8. -06

    -06 Monkey+++

    Like "Airtime" I use Argon but I use a 1/4" flexible clear tube to avoid any chance of poking a hole in anything. I just use plain food grade plastic bags doubled. I fill the first with Argon, close the bag, withdraw the tube, and finish tying it off. Then I "slosh" a bit of Argon in the second and tie it off--a bit more in the bucket and slap the lid on. Pastas work fine like this as well as any grains/beans/peas/sugar/condiments/etc. Argon(or any "inert" gas) does two things--drives out the moist air and displaces the Oxygen. Bugs/mold/mildew cannot live there or bother your stash. You can rent small bottles of Nitrogen/CO2 from welding companies if you cannot find Argon(which is my preference). Jury rig a hose on the tank and you are set to go.
  9. ditch witch

    ditch witch I do stupid crap, so you don't have to

    I use a flat iron (the kind for hair, not clothes) to seal mylar. Works great. For sucking the air out, I rigged a hose to go on my vac cleaner. I seal the end all the way save for the little space where the hose goes in, then suck the air out. Draw the hose back to almost out of the bag, slip the flat iron underneath and seal. Be helpful if I had a third hand, but works pretty well. I have a food saver but for whatever reason I never bothered to try it on the mylar bags.
    BTPost and chelloveck like this.
  10. Pax Mentis

    Pax Mentis Philosopher King |RIP 11-4-2017

    Mine works for me...I just mostly use mylar bags that are too large for it
  11. Brokor

    Brokor Live Free or Cry Moderator Site Supporter+++ Founding Member

  12. Mike

    Mike Ol' Army Sergeant Monkey

    you can also use dry ice on the top if you put the lid on loosely, put the dry ice in a piece of aluminum foil. The CO2, being heavier than oxygen, will permeate the item being stored and displace the oxygen. after it has dissipated, seal the lid.
    kellory likes this.
  13. Illini Warrior

    Illini Warrior Illini Warrior

    the dry ice is placed on a tissue or clean piece of paper towel .... on the top of the filled bucket ... you need to make sure the cube of dry ice is COMPLETELY dissolved ... otherwise you'll have a bucket lid imprint on your ceiling ...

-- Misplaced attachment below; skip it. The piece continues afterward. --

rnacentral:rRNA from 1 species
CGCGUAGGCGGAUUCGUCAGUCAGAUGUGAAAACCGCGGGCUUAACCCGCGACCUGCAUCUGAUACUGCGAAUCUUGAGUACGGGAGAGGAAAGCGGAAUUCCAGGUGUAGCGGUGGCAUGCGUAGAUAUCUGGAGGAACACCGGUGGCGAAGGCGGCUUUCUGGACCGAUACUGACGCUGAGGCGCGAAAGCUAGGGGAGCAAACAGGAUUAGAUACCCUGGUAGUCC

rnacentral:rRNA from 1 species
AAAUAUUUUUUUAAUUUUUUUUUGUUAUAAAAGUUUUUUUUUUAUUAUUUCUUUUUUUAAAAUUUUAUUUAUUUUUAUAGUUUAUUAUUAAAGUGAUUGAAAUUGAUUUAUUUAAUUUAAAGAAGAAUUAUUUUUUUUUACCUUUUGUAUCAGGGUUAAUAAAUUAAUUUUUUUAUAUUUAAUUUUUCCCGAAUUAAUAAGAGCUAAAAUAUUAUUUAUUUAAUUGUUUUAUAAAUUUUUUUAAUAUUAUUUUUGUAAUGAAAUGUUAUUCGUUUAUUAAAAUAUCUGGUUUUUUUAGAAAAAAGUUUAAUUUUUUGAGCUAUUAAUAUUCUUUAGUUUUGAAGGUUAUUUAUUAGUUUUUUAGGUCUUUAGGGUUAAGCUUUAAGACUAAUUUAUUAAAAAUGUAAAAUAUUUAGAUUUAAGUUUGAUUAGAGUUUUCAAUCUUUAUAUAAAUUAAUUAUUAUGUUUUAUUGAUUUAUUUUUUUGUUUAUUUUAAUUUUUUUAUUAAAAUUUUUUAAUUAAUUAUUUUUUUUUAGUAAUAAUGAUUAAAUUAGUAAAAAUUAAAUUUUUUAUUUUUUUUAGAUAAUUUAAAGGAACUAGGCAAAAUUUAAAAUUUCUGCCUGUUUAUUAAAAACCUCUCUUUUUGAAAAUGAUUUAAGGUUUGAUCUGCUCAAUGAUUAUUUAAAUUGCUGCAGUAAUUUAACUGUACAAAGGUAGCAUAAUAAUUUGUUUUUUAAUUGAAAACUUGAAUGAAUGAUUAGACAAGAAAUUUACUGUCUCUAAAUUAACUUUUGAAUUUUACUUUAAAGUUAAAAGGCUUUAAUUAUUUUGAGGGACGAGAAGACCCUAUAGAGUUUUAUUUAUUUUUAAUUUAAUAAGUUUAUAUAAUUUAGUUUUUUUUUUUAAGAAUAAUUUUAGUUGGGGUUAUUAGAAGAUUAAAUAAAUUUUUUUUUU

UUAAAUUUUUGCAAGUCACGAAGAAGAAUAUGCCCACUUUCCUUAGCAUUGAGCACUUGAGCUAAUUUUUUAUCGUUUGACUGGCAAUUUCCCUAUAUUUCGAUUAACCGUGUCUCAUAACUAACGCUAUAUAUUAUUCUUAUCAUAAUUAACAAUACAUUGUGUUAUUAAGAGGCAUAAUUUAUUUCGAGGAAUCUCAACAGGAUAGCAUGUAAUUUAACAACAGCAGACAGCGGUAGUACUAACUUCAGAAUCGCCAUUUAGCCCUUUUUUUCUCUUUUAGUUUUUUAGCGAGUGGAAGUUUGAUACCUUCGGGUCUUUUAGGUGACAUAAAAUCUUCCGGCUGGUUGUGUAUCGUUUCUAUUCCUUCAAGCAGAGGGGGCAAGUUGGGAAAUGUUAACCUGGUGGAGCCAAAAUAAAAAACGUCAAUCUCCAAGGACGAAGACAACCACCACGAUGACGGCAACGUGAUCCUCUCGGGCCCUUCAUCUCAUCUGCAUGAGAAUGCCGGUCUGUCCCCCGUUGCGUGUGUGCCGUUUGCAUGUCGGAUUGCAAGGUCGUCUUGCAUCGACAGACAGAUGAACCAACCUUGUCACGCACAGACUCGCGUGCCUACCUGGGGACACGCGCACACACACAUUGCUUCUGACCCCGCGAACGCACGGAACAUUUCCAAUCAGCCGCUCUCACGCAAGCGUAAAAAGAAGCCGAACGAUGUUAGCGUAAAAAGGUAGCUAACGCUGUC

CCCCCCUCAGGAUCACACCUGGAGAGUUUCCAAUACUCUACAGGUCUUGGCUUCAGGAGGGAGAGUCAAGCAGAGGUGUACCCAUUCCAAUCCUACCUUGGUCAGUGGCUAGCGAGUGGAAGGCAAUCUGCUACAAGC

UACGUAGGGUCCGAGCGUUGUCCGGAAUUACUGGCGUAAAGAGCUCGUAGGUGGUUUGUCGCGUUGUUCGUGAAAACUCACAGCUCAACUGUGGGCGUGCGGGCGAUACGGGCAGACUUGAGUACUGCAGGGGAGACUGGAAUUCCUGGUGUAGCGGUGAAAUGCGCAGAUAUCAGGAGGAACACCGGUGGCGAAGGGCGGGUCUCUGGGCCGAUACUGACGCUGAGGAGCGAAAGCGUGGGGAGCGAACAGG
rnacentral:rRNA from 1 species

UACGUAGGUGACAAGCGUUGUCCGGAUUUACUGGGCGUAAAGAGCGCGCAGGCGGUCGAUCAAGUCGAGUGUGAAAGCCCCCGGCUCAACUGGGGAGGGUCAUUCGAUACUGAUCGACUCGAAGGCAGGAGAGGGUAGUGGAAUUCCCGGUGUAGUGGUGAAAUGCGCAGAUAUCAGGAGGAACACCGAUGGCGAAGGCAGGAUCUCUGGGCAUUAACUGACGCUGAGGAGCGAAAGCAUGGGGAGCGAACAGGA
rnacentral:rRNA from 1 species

I used the dry ice method for 20+ years ... when the 02 absorbers came on the market - I couldn't wait to get a bag ... the addition of mylar bags just put the kibash on dry ice completely ... messing around with it is very frankly - stupid as h@ll .... just dangerous to handle and as inconvenient as it comes ...

    the professional food packers, as a vast majority, have used the food grade bucket/gasketed lid - mylar bag - 02 absorber - packing system for 25 years now ... take a hint
    Mike and ghrit like this.
  14. Mike

    Mike Ol' Army Sergeant Monkey

    hint taken.
  15. BTPost

    BTPost Stumpy Old Fart,Deadman Walking, Snow Monkey Moderator

    Just another NOTE, here: One can ALSO go to the Bottled Gas Emporium, and get either a CO2, or Nitrogen 100# bottle, and a Regulator, and flood any Prep Storage Container with Tank Gas, before sealing it up. Momma and I did this on our Long Term Storage, decades ago, and it is as Good, today, as it was when we put it up. We rotate out a small amount each year, Replace it, and use it to test the viability of the Storage. Never had an issue with any of those Tests. Still eats, rather well..... ...... YMMV.....
    Witch Doctor 01, Mike and kellory like this.
  16. Mike

    Mike Ol' Army Sergeant Monkey

    interesting. Question about the O2 scrubbers, are they renewable or expendable?
  17. BTPost

    BTPost Stumpy Old Fart,Deadman Walking, Snow Monkey Moderator

    Usually Expendable.....
    Mike likes this.
  18. Mike

    Mike Ol' Army Sergeant Monkey

    I like that idea. It's reusable in case you have to open a tub. A wand with holes in it stuck down in the bottom would push the O2 right out and be quickly sealable. It would even work in the mylar bag method.
  19. kellory

    kellory An unemployed Jester, is nobody's fool. Banned

    Very simple, and easy to replace tanks too.
    Mike likes this.
  20. Mike

    Mike Ol' Army Sergeant Monkey

    My thoughts exactly.